Death need not always be feared. In fact, how many great words of wisdom in our history have come from the epitaphs on tombstones? Edgar Lee Masters explored that very idea in Spoon River Anthology, which, adapted by Charles Aidman, is appearing in a new production in the Midtown International Theatre Festival.
If the idea sounds distateful or morbid, rest assured it is neither. The thoughts and feelings that poured out of the folk in the Illinois community that spawned the tombstones tell tales that are frequently entertaining and uplifting, but always more than suitable for a solid theatrical work, even if it seldom turns out the way you expect.
With over sixty segments in all, this comes as little shock. What is more surprising is that the director, Ken Bachtold, managed to pace the action and the staging so fluidly that it never feels dull for a moment. The set and the costumes, uncredited in the program, also add a tremendous amount to the show's atmosphere. The set evokes quite well a grassy country pasture, while the costumes, particularly the dresses for the women, exude a strong rustic charm.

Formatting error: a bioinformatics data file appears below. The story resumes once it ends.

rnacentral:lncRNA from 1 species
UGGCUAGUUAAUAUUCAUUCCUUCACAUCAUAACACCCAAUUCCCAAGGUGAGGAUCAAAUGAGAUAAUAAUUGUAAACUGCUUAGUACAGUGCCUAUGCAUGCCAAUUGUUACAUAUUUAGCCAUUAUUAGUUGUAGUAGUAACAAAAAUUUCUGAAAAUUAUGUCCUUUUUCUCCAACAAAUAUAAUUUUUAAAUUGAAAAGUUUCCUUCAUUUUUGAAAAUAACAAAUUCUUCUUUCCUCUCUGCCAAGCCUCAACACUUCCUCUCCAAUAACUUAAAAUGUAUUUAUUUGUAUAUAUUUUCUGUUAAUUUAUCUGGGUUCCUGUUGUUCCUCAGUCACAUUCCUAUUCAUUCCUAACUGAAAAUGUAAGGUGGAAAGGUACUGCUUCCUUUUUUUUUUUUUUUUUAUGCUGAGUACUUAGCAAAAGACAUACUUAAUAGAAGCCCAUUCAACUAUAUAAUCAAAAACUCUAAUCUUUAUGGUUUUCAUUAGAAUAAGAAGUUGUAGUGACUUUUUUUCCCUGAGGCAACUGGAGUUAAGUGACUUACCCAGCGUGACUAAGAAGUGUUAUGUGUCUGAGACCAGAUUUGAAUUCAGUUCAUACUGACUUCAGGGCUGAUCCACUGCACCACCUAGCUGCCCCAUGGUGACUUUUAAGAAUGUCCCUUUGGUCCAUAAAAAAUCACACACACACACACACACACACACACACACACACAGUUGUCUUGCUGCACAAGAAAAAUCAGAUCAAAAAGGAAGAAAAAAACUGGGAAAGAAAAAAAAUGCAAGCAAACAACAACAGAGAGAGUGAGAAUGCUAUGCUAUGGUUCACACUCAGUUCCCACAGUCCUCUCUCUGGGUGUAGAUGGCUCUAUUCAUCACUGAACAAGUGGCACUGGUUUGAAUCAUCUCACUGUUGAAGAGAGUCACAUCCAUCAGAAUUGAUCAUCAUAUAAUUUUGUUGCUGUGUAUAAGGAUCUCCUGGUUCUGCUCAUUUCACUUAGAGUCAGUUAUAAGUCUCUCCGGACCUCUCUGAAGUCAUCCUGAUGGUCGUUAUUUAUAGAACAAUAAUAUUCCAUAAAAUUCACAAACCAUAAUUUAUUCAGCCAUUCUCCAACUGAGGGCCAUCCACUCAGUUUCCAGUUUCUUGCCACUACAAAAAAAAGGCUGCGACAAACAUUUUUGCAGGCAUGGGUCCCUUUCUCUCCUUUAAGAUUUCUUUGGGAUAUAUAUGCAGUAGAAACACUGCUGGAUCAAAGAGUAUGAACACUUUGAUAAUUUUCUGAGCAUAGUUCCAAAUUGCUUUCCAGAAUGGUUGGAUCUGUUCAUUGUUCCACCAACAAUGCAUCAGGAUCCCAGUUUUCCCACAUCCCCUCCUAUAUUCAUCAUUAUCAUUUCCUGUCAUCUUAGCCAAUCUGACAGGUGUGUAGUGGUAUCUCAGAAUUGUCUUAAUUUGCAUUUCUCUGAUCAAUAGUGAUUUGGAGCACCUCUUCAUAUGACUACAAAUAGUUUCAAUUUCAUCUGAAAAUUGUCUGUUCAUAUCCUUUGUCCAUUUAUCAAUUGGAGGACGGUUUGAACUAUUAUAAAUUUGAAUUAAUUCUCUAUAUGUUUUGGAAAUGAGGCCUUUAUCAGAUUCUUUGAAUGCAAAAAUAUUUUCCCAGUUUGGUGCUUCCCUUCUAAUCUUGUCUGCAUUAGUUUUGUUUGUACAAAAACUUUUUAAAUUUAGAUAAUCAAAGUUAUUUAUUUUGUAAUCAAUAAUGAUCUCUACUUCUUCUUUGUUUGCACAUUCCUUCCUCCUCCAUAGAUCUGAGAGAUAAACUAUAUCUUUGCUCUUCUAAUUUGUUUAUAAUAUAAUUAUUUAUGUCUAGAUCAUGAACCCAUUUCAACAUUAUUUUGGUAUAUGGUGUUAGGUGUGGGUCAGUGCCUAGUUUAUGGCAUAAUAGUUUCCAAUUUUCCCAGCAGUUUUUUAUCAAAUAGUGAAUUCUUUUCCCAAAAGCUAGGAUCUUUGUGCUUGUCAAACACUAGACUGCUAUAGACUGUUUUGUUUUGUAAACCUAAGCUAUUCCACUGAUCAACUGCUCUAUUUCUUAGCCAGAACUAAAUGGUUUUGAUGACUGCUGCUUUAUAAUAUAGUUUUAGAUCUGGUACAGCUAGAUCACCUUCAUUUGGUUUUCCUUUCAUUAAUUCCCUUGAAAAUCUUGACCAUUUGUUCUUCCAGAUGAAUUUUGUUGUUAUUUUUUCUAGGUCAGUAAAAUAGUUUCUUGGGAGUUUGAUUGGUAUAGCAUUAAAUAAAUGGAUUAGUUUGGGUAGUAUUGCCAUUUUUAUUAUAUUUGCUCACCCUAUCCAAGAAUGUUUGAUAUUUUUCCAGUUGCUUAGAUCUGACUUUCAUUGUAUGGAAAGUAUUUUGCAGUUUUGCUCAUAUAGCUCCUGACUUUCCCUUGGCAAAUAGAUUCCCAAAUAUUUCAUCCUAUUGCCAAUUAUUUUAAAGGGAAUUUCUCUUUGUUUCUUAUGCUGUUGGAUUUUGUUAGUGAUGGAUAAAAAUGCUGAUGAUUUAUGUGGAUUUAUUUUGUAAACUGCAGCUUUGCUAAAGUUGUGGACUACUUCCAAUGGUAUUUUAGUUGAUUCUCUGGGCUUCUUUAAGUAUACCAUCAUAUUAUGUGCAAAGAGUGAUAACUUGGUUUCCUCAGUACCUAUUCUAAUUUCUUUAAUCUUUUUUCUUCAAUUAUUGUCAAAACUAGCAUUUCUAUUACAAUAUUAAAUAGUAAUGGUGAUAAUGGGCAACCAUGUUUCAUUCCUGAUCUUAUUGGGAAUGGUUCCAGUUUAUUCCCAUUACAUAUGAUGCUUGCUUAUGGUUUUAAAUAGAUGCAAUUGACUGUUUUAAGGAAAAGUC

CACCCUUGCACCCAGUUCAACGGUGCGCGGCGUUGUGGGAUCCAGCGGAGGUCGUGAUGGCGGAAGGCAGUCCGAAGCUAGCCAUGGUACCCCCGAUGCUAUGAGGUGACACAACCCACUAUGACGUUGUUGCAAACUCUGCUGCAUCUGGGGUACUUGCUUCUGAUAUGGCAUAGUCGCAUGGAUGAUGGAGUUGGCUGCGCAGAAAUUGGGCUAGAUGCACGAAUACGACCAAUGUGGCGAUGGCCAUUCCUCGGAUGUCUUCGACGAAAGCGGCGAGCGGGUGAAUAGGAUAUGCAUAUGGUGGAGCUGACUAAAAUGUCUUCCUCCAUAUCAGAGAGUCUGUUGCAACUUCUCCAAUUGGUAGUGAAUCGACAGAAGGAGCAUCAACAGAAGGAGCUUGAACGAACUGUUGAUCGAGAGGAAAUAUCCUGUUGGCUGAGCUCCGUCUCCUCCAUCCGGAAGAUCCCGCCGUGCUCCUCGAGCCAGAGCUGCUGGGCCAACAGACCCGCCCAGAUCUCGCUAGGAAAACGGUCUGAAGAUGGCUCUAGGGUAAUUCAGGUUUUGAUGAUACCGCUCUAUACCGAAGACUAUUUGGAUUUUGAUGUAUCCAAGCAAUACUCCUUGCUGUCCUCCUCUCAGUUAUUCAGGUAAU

Nearly every member of the fourteen person cast is required to play several roles, and they all handle their tasks well. Two particular standouts are Heather Carmichael who sings "He's Gone Away" and "I Am, I Am" and Kara Stewart, who lets forth her voice on "Times Are Gettin' Hard" and "The Water is Wide." Occasionally, members of the cast accompany dialogue or song using a harmonica, a guitar, bano, piccolo, or violin, all of which are played well and add their own special zest to the show.
Though the spectre of death is omnipresent over the characters of Spoon River Anthology, the play is ultimately about life, not death. As one of the characters articulates late in the show, "It takes life to love life," and that is perhaps the best message to take away. This play will force you to examine the lives of its characters and perhaps encourage you to look at your own life more closely as well.
A Company of Players